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Bassist to be needs help!!!!

Discussion in 'General Instruction [BG]' started by Dream, Jan 8, 2005.

  1. Dream


    Jun 26, 2004
    What's up, guys

    Soon, I'm going to buy an amp and bass. When I start playing I do not want to develop any bad habits whatsoever. I would love to take lessons, but I'm tight on money right now, so I can't afford them.

    Could you guys offer me some tips on what kinda stuff to start off on? What all should I learn that will benefit me down the road as a bassist? Any and ALL tips that would get me off to a good start would be greatly appreciated!!! Thanks!

    Also, if any of you know of a really good beginners instruction DVD/VHS, please include that!
  2. Seraph


    Jan 3, 2005
    Puerto Rico
    im by no means an expert, hell i started a little bit ago, but i started taking lessons after messing around on the bass a lot and i had a ton of bad habits. first remember that you have to alternate your index and the long finger for hitting notes, it'll become second nature after a bit. also, i was taught to put the thumb on the pick up when i was playing the E or D , when i start hitting an A, i move the thumb against E, mainly cause its easier for me to hit them and it mutes the E string. theres no sound uglier than two low frequency strings vibrating at the same time when they're not supposed to. also i move the thumb to between the E and A , so i mute both of them when im hitting the G. it was very annoying for me but i quickly found myself playing a lot cleaner once i got used to it . as for the hand, i've always been taught to use a 1 fret = 1 finger scheme, and i've gotten pretty used to it by now. it was hell on the wrist at first though :s i dunno what else too say, cept have fun and good luck :smug: :)
  3. Joe Nerve

    Joe Nerve Supporting Member

    Oct 7, 2000
    New York City
    Endorsing artist: Musicman basses
    I'd suggest saving up a few extra bucks and taking at least one lesson at the beginning. There are a lot of things that would be hard to explain in writing that only a teacher would be able to show you. It's also important that your bass is set up right. If it's not, you may become quickly discouraged because your bass may be a lot harder to play than it should be. I should take my own advice on the Double bass. I've got one sitting around in my house doing nothing pretty much because I'm too cheap and too lazy to get myself a lesson on proper technique and see if it's set up right. I'm pretty sure it's not cuz it's torture to play. The first bass I ever played was set up horribly and I think I wasted 10 years on guitar because of that.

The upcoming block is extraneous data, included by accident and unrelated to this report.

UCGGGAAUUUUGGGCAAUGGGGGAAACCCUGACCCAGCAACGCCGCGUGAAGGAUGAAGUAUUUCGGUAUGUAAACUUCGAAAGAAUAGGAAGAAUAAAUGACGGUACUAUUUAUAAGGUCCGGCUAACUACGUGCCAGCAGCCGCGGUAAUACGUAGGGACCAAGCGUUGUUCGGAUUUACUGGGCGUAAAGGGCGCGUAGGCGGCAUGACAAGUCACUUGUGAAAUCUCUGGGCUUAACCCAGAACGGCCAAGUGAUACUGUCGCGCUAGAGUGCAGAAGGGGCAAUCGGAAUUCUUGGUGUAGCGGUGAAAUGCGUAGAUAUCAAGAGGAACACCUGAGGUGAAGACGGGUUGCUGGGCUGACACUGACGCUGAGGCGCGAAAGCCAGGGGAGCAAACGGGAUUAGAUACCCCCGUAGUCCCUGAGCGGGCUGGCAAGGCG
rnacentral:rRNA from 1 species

It's also important (if you want to play properly) that you start off with the proper technique because once you develop bad habits they're really hard to break. One thing I see a lot of new players doing is plucking the strings with their right fingers. You're actually supposed to use more of a sliding motion from one string to the next, and not get under the string. A teacher could show you that real quickly. Left hand technique is another important thing. There are ways to hold you wrist and hand that miminmize the amount of movement you have to make. Watch some really great bass players left hands (assuming they're righties). Looks like they're doing nothing while lots of sound is coming out of them. Then watch a guitarist turn bass player, or inexperienced person - their hand and wrist twist all over the neck. a lot of extra work.

    Just want to add that I don't actaully think the latter is a bad thing - people can come up with some pretty cool styles on ther own. I'm pretty sure flea doesn't play properly, james jamerson had his own technique, and I for sure never got it all down - you expressed a desire to do it right though, and if you really want to, then i'd suggest taking a lesson.
  4. Timbo


    Jun 14, 2004
    My tip would be if you can't afford lessons yet try MusicDojo.com I really, really like them from so far.. ( a week into Jazz improv 1 ). 50 dollars and you get a lesson every week day for 4 weeks. I'd direct questions to the sticky thread about MusicDojo.com
  5. cowsgomoo

    cowsgomoo gone to Longstanton Spice Museum

    Feb 8, 2003
    I would say jump right in with both feet and attempt to figure things out for yourself for a month or so first...

    some of the most thrilling times for me as a bass player were right at the beginning, where I was starting from absolute zero.. the sheer wonder of picking up the bass, plugging it in and making a sound, any sound..

    you know how a baby bird bonds with the first thing it sees and thinks whatever it sees is its mother? well i think u need to bond with your bass for a while in private :)

    then go out there and soak up and much information as you can !